To us, our fertility doctors and nurses are heroes, and for us lucky ones that have had successful treatment they have made a huge difference to our lives. However there are some things that patients wish they could say to their doctors, but daren’t in case they strike them off their list for being so ungrateful.
This may sound extreme to you, but when people are going through treatment, they are desperate for a baby and struggling to cope, so they’re not always thinking rationally. We put our consultants on a pedestal and feel we have to accept everything they say and do, without question, even if it upsets us.
I have heard a lot of feedback through the patients I work with and support, so wanted to create this article in the hope that it will help doctors and nurses understand how patients really feel, and also help everyone that is going through IVF know they are not alone and that it is ok to say how you feel and ask the questions you have.
These are all things that patients (from all over the world) have told me about their treatment.
- Firstly and most importantly, we think you are amazing! You are helping us to hopefully have our much longed for family, and giving us hope and for that we will never be able to thank you enough.
- Your words sometimes hurt – we know you see lots of patients and that you are the experts, but please be kind when you tell us upsetting information and don’t try to be funny. Please understand how heartbreakingly sad and tough this is for us.
- ”Every appointment is nerve wracking, please imagine how you’d feel if you were the patient. Please try better to be kind and think about the tone of voice you’re using to deliver bad news. You see us, and cases like ours every day but to us this is unique, often new, scary and highly emotive. Just remember this, every appointment, every patient. Would you be so brusque, make ‘jokes’ if you were giving someone a cancer diagnosis? This process is serious, we’re not laughing so please try and respect that.”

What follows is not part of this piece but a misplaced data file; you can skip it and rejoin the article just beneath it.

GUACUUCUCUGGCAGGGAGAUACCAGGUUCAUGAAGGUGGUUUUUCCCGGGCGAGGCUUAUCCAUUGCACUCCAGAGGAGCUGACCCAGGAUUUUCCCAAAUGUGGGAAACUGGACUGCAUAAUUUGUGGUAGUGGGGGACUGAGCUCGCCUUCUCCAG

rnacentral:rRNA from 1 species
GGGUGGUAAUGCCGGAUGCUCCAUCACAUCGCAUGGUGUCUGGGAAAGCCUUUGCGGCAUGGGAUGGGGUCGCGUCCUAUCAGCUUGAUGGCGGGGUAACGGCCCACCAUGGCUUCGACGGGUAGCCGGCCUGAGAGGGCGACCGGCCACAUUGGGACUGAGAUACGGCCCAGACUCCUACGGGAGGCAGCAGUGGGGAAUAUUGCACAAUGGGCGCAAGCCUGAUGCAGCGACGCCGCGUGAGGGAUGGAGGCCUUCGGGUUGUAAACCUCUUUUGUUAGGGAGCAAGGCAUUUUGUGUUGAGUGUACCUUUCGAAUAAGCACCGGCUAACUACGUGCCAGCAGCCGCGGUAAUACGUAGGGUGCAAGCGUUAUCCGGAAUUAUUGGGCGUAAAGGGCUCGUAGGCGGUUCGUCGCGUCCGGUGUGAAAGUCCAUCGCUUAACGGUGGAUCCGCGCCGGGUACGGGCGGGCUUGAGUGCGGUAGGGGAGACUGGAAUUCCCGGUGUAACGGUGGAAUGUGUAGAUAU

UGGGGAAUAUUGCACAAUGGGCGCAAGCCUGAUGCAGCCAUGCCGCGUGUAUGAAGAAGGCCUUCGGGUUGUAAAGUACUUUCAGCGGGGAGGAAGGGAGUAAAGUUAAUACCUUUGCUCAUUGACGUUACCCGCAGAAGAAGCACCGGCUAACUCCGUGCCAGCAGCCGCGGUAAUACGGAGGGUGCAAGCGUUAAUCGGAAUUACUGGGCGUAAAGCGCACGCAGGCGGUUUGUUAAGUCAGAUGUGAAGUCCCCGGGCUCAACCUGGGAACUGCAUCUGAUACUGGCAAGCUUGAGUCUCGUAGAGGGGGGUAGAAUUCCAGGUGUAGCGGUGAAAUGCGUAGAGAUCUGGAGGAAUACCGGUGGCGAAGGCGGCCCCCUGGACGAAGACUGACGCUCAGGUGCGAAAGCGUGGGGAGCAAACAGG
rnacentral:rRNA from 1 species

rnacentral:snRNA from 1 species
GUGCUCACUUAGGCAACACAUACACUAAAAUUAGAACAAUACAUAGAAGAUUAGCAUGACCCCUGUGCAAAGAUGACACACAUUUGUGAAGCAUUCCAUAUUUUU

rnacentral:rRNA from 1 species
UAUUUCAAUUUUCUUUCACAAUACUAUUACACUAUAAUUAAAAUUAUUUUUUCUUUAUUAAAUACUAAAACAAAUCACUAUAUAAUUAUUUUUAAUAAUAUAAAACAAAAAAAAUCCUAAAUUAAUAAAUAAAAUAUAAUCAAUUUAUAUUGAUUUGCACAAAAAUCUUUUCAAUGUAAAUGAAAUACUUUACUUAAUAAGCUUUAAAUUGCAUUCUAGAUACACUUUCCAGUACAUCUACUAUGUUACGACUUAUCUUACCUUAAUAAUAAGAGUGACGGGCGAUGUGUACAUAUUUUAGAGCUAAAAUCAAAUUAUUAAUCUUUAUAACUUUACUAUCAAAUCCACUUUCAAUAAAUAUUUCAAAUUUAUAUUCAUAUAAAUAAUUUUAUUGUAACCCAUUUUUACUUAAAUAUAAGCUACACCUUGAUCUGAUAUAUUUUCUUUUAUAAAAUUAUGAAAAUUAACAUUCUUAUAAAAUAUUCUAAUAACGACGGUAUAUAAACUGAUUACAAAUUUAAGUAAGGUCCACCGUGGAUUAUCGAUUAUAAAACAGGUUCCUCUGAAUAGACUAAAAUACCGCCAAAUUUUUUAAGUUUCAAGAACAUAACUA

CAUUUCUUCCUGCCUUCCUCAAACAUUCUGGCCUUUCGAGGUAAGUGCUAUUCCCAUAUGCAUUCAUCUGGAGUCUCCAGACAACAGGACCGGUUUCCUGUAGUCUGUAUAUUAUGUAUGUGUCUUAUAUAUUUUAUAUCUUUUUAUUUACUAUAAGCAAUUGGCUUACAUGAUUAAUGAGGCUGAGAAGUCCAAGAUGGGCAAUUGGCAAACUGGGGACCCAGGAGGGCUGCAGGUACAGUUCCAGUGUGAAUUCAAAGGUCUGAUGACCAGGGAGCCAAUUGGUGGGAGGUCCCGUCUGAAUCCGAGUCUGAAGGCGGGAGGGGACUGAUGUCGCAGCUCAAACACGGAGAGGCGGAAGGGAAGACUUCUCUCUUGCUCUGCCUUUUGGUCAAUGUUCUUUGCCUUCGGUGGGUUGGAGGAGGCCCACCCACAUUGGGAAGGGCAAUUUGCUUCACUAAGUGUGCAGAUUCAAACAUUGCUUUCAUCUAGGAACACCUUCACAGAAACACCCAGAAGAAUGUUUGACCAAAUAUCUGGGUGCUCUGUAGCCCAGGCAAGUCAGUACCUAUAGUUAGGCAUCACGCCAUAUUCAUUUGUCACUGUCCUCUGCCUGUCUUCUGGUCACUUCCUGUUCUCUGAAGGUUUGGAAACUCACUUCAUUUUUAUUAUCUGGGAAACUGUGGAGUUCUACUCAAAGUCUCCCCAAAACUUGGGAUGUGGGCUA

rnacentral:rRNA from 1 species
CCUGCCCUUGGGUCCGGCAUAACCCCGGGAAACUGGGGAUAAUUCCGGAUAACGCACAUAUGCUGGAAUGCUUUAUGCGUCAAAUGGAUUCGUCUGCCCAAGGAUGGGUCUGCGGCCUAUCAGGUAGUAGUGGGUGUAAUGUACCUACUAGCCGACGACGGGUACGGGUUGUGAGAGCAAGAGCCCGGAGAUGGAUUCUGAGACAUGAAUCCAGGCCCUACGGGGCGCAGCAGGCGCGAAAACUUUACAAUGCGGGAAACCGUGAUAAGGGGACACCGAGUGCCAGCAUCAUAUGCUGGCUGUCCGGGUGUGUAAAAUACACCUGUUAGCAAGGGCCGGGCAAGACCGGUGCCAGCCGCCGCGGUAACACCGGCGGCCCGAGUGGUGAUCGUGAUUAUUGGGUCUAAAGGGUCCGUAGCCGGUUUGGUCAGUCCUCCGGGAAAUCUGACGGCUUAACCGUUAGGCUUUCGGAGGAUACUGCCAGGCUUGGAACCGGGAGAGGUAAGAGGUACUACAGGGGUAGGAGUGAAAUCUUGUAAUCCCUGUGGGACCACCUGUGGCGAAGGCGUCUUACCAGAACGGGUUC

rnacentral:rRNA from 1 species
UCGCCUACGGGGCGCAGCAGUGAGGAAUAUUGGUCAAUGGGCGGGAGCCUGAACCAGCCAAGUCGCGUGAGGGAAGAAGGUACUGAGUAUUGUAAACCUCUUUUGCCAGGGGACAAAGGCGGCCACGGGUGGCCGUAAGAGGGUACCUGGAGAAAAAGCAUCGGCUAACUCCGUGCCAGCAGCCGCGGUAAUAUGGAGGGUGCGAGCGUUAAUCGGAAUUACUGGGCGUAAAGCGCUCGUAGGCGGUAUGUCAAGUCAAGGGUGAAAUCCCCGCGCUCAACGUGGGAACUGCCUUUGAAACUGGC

- I understand that I need to lose weight, but for me it is another hurdle I need to jump, please be sensitive to this. I am overwhelmed and sad by not being able to get pregnant, now I can add feeling guilty that it’s my fault because I’m overweight. I need support, sensitivity to how low I feel and advice on how to lose weight in a sensible and realistic way.
- “I’ve tried loads of different supplements and alternative therapy and I found that the hospital just looked at me as if I was a mug for buying into it. I’ll try anything if it helps, desperate....maybe but worth a shot in my book. It would be helpful them advising you on all of the ones available rather than just shooting you down afterwards for doing your own research. I wish they’d just say it’s not their area of expertise and refer you to someone who is qualified to help.”
- Having to wait 4-6 weeks for a review appointment after a failed cycle is like torture. When you’ve been at the clinic every day during treatment, and then feel like your world had collapsed when you get your negative result, we just want to know why and what we can do next.
- Having to wait for appointments in a waiting room full of excited pregnant ladies is heartbreaking. Please consider where you put your waiting rooms if possible, its just another reminder of what we desperately want but don’t have.